Taipei, 2015: Kiwi beer exporter Max Gilbert and an American-born Shanghai restauranteur Harn Sun fall in love. Wugu District (conveniently right outside Taipei, where it is illegal to brew beer), 2019: Gilbert and Sun launch Ugly Half Brewing Co., which goes on to become the darling of the Taiwanese craft beer scene.
Ugly Half’s delicious beers are decidedly in conversation with the modern Chinese and Taiwanese beer drinker. Traditionally, the top-selling beer styles in China and Taiwan are super light, super crispy lagers — think Tsingtao and Heineken. But Chinese buying habits are changing. Beer consumers, who are skewing younger, are buying less beer — but more premium beer.
In keeping, Ugly Half’s beers have a lighter, fresher take, with a wry and often culinary twist. Their “Though the Mist I See the Fairyland” Hazy IPA steers clear of the chewy smoothie-like hazies of the past half-decade of American brewing in favor of something more refreshing and tropical. Their ToasTEA, an amber lager, is not only inspired by Taiwanese breakfasts but literally includes them. The brewing team worked with local bakeries to take the discarded crusts that get cut off sandwiches, and threw the crusts into their brew along with Assam black tea, the Taiwanese breakfast beverage of choice.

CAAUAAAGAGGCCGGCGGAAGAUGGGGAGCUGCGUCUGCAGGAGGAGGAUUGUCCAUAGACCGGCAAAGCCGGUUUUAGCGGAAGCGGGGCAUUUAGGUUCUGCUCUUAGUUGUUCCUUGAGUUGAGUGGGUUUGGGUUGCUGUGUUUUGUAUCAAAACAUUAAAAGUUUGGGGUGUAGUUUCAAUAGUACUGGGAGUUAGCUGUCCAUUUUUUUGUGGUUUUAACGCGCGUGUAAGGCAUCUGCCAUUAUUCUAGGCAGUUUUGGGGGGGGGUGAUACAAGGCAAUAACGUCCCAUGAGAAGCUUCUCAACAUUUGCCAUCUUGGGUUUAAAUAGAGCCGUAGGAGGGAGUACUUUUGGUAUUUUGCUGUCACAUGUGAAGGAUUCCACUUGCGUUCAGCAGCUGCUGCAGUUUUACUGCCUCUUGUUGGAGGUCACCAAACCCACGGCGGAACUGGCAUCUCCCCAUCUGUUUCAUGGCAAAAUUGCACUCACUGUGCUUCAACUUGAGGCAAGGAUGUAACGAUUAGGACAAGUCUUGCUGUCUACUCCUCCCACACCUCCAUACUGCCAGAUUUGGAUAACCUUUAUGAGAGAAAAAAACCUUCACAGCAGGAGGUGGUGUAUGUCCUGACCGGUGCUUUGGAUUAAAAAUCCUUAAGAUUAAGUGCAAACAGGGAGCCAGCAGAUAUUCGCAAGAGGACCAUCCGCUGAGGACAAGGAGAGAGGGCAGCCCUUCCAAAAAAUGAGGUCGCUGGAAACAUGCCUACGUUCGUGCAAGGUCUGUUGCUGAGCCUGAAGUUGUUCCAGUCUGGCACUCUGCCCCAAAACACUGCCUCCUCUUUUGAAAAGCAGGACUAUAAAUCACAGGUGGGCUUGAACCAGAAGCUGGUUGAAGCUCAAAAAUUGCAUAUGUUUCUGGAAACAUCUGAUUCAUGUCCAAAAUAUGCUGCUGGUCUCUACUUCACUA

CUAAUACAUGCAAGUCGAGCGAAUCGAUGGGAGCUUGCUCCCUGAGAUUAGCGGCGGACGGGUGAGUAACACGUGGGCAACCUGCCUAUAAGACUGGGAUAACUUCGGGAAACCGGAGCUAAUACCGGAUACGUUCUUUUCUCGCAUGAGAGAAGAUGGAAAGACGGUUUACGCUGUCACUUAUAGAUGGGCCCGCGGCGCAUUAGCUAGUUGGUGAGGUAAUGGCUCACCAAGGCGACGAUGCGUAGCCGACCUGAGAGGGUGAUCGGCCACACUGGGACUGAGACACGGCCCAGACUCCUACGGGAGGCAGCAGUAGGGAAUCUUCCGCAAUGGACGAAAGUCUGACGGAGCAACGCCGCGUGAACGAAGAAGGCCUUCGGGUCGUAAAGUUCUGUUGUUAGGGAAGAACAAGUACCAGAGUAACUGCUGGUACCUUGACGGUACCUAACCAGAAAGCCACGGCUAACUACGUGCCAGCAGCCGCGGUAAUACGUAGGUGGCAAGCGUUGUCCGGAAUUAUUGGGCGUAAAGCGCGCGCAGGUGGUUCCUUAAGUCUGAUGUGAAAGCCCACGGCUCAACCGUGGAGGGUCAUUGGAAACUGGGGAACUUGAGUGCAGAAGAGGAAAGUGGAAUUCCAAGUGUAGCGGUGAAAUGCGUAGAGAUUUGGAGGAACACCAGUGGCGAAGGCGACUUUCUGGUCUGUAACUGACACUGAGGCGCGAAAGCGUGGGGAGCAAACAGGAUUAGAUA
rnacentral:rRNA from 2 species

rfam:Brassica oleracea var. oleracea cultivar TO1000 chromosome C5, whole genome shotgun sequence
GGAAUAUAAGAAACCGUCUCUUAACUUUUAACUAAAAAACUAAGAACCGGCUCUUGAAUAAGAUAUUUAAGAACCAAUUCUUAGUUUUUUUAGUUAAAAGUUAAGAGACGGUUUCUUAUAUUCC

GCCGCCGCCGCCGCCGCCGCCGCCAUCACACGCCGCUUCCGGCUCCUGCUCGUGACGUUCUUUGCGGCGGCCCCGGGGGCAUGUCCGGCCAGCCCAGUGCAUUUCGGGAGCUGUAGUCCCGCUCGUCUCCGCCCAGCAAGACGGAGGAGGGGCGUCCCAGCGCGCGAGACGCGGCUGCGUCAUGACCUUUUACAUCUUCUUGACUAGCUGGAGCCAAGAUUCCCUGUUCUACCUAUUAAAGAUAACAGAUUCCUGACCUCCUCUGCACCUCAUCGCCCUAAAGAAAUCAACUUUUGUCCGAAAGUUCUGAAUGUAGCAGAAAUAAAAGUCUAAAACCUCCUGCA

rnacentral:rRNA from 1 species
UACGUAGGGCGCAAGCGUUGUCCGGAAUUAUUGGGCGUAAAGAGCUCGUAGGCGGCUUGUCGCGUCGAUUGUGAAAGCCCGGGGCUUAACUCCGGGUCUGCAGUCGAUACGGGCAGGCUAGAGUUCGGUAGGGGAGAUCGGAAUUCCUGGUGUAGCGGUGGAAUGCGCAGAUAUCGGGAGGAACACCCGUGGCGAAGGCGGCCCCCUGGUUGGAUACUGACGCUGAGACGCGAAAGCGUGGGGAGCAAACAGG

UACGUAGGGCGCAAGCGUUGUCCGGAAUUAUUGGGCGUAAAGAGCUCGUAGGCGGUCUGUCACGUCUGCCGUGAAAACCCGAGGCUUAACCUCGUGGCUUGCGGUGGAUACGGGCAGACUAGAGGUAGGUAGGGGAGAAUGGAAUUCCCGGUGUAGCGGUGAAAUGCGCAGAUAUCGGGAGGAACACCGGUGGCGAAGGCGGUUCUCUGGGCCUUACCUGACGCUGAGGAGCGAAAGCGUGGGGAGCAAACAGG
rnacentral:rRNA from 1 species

Most thrilling is the Guava Gose. You may notice this gose has a little present attached to it: a packet of salty-sweet plum powder, which is a pantry staple in Taiwanese and Chinese kitchens. First, take a sip of the beer to taste the gose on its own. Then, sprinkle a little bit of the powder on your hand, and lick it up before taking your next sip. Feel free to “season” to your heart’s content!